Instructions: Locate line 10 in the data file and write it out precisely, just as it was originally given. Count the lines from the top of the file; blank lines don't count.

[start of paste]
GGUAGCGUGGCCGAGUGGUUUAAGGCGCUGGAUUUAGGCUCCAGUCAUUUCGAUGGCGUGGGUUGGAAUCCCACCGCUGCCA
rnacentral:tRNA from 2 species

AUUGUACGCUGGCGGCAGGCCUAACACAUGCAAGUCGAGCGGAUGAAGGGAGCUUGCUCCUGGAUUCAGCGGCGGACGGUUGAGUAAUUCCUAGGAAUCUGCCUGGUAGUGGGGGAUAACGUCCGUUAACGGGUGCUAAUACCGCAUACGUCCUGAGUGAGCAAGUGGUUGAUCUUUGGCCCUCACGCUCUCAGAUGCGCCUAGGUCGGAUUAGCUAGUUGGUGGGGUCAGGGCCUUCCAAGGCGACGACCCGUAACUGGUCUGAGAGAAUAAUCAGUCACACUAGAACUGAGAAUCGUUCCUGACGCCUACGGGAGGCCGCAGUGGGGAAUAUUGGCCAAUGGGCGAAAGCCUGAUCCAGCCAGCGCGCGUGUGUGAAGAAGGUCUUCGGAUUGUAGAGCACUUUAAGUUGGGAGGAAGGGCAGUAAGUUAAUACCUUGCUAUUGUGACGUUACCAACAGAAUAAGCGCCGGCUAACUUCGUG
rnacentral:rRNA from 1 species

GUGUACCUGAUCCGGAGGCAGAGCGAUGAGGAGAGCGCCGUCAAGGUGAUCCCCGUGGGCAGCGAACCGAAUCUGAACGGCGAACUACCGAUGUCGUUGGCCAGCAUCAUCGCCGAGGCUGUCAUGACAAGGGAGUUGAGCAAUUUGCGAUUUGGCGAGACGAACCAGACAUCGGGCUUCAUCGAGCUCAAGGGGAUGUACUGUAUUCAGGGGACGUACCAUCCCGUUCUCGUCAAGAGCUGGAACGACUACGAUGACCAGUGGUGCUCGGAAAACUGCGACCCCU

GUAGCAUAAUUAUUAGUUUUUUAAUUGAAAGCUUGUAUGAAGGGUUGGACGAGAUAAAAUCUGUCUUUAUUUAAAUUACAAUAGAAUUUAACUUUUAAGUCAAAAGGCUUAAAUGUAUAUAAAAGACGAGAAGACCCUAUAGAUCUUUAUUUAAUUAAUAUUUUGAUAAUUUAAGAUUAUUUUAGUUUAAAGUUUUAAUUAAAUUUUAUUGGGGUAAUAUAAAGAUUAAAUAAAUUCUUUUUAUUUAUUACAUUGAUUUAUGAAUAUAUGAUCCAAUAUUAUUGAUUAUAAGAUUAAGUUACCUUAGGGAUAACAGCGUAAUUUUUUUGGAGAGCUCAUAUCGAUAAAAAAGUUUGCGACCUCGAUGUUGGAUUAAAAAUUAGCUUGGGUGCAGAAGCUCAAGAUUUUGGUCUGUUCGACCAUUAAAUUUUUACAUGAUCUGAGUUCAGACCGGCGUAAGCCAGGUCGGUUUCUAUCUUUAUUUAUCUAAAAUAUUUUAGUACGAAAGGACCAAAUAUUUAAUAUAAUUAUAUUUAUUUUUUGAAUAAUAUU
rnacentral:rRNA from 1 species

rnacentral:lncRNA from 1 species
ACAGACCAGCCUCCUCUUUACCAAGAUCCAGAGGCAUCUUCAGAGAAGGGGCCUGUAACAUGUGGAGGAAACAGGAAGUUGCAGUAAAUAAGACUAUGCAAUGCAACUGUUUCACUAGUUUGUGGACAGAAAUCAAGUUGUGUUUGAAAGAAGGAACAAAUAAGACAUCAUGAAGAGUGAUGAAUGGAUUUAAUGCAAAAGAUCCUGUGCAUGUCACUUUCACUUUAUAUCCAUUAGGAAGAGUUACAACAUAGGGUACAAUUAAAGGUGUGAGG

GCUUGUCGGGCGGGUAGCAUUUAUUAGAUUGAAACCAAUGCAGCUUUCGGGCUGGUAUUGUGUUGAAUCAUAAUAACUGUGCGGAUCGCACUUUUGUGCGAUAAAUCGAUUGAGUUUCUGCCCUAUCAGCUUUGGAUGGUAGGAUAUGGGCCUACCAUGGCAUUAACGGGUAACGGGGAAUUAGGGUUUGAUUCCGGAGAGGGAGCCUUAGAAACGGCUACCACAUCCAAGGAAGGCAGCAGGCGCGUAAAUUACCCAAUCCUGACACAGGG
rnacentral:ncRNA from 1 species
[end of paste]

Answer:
GCUUGUCGGGCGGGUAGCAUUUAUUAGAUUGAAACCAAUGCAGCUUUCGGGCUGGUAUUGUGUUGAAUCAUAAUAACUGUGCGGAUCGCACUUUUGUGCGAUAAAUCGAUUGAGUUUCUGCCCUAUCAGCUUUGGAUGGUAGGAUAUGGGCCUACCAUGGCAUUAACGGGUAACGGGGAAUUAGGGUUUGAUUCCGGAGAGGGAGCCUUAGAAACGGCUACCACAUCCAAGGAAGGCAGCAGGCGCGUAAAUUACCCAAUCCUGACACAGGG